Baltimore PD introduces new ‘use of force’ policy [VIDEO]
“Some of the key points in this ‘use of force’ policy include the emphasis on the sanctity of life, that’s actually in the policy now, and the need to de-escalate when possible,” said Baltimore Police Commissioner Kevin Davis at a joint press conference with Mayor Stephanie Rawlings-Blake at police headquarters on Wednesday, according to the Baltimore Sun.
Baltimore Police Release Details Of New “Use Of Force” Policy https://t.co/y7w67kcsOs— Magic 95.9 (@Magic959Bmore) June 30, 2016
Davis added that the “use of force” policy had not been updated since 2003 and that the department had learned much about best practices during that time.
The policy changes come as the courts have failed to convict a single officer for the death of Freddie Gray. Gray died from injuries sustained in police custody at the age of 25 when he was improperly secured in the back of a police van. The incident sparked widespread protests against police brutality and prompted the Justice Department to launch an investigation. Six officers were charged, all of whom pleaded not guilty.
So far, two officers have been acquitted and one will be retried, as his initial trial ended in a hung jury. The trials of the others have not yet begun.
Davis asserted that officer safety was at the top of the discussion of each and every policy change they made.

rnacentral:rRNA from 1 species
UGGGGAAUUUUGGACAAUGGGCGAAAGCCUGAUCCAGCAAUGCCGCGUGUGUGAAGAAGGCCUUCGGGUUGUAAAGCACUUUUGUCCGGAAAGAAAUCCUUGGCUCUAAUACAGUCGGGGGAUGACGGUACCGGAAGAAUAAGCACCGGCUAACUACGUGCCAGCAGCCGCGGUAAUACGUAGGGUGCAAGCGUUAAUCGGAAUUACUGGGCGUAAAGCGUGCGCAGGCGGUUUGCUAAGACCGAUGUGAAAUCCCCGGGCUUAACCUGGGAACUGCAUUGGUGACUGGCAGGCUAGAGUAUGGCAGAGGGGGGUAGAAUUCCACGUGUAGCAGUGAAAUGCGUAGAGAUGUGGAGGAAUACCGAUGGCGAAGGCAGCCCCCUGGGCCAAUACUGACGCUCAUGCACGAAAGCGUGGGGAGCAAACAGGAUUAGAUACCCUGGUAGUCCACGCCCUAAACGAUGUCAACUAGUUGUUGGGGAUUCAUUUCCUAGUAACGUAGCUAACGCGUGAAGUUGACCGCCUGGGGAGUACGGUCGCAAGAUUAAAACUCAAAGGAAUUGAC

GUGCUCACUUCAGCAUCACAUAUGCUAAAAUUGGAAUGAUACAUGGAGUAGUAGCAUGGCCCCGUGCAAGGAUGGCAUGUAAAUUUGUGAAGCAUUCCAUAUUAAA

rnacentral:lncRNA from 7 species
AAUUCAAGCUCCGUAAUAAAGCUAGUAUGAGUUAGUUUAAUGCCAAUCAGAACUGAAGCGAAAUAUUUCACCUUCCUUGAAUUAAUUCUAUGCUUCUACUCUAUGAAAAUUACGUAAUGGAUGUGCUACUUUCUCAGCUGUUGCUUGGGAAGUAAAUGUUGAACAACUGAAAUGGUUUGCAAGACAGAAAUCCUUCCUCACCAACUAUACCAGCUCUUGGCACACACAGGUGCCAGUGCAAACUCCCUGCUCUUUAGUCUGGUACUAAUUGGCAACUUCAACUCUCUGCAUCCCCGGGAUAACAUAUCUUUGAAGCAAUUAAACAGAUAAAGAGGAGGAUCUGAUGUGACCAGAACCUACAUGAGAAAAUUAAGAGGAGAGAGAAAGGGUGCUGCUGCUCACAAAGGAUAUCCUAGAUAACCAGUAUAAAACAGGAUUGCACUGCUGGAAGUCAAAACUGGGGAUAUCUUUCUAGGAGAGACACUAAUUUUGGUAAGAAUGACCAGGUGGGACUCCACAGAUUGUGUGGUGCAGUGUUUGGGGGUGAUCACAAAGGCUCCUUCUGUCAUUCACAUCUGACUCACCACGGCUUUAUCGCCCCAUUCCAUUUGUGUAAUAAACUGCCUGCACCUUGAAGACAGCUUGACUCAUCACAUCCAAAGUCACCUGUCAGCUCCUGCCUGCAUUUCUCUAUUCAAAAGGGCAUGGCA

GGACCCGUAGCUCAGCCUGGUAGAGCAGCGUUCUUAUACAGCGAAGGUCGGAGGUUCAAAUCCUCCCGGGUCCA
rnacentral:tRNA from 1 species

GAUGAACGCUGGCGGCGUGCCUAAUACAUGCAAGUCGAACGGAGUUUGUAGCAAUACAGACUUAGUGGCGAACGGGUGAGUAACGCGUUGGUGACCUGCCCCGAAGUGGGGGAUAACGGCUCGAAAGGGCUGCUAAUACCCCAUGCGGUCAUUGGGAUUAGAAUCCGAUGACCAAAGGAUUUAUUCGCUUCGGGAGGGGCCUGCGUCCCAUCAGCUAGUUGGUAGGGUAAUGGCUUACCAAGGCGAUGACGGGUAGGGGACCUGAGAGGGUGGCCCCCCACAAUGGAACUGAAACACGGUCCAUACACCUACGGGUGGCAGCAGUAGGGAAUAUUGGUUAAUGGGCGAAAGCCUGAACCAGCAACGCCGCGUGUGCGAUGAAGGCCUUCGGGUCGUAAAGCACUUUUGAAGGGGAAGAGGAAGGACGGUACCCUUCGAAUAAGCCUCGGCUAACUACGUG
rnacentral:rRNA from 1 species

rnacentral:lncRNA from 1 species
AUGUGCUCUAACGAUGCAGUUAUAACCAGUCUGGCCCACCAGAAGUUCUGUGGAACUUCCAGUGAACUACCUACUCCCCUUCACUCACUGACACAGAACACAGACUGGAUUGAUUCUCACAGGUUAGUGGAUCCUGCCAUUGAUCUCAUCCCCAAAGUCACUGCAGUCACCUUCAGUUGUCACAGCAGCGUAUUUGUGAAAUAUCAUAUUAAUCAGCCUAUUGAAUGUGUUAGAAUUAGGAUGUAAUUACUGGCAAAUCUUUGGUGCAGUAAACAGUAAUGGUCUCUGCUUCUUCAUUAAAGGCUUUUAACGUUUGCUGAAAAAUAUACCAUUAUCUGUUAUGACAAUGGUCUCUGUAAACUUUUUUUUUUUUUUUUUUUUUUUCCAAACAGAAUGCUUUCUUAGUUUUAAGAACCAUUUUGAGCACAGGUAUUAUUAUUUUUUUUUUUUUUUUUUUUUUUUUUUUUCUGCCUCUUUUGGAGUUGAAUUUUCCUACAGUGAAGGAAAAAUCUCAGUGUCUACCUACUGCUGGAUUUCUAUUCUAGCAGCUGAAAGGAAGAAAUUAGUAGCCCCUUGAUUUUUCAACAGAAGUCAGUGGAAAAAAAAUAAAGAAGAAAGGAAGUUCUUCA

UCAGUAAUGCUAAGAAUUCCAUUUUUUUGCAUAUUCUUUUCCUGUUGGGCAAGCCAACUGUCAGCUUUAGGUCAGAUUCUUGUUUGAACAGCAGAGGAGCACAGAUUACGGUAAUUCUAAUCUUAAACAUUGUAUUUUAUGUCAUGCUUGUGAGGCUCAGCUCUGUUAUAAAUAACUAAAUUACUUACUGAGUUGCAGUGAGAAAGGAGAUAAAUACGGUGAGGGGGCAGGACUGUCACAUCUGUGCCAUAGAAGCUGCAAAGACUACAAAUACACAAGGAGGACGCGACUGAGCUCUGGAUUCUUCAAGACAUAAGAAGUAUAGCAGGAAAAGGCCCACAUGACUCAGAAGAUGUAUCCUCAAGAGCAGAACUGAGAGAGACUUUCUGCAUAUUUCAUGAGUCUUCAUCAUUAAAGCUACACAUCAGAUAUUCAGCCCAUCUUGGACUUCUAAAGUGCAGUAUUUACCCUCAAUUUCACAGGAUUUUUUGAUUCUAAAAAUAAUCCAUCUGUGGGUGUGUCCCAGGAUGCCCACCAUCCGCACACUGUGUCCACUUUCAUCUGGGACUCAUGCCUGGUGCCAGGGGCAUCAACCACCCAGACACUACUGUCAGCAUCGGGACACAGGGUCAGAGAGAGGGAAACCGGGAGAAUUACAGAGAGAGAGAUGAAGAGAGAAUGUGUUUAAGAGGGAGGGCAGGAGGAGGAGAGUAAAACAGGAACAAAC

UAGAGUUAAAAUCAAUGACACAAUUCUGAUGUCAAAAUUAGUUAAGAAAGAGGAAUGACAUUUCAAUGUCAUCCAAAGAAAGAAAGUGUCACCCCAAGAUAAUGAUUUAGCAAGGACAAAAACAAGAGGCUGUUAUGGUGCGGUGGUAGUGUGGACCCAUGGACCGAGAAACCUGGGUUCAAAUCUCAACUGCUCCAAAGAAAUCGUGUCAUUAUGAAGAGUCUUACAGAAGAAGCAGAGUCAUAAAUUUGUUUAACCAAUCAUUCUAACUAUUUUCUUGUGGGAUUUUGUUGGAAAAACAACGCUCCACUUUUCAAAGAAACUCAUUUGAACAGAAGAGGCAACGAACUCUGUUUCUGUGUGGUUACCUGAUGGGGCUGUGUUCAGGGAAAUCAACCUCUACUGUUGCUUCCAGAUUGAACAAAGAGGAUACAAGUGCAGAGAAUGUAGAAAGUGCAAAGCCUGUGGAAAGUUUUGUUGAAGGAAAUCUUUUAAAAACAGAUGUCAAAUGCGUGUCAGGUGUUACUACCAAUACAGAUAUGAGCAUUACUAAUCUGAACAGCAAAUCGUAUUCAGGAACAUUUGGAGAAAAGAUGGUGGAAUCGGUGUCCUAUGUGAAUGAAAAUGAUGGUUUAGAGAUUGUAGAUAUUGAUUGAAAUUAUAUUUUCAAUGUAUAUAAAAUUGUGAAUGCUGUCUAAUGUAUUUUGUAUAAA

“Our policy establishes a ‘use of force’ model to assist officers when making force decisions, it requires officers to provide aid, including EMS, immediate hospital transport for injured persons, and those claiming to be injured,” he said.
“It restricts situations in which police officers are authorized to discharge a firearm at or from a moving vehicle, and it requires officers to intercede and notify the supervisor if they see a fellow officer using excessive force,” Davis continued.
The department revised its policy in consultation with outside groups and institutions, including the American Civil Liberties Union of Maryland, the Baltimore chapter of the NAACP, and local prosecutors and public defenders, officials said.
A former police officer with the Metropolitan Police Department in Washington, DC believes making police officers accountable for other cops’ criminal behavior is a worthwhile idea, but is easier said than done.
“It is a good policy. I believe it should be in place. It would be on paper, but whether or not police officers will do it will be another thing, because of the culture of policing in our society,” Ronald Hampton of the National Police Accountability Project told RT America. “It is not about, if you see a police officer doing something wrong, another police officer more than likely would not do anything and [would] come to his or her behalf, rather than report them for doing something improper, or even intervene.”
Hampton said the Washington, DC code says that a police officer has a duty to respond or intervene if anyone is committing a crime. It does not exempt police officers.
What is missing, however, are protections for officers who choose to blow the whistle on their colleagues, and measures the department should take to prevent officer-on-officer harassment, he added. Hampton thinks it would be more fruitful to codify those measures in the Maryland criminal code.
Rawlings-Blake told reporters that city residents never tell her that they want "an aggressive police department; they say they want an effective police department."
The announcement of the new policy comes just as the US Justice Department is about to release the results of a sweeping investigation into the Baltimore Police Department’s patterns and practices.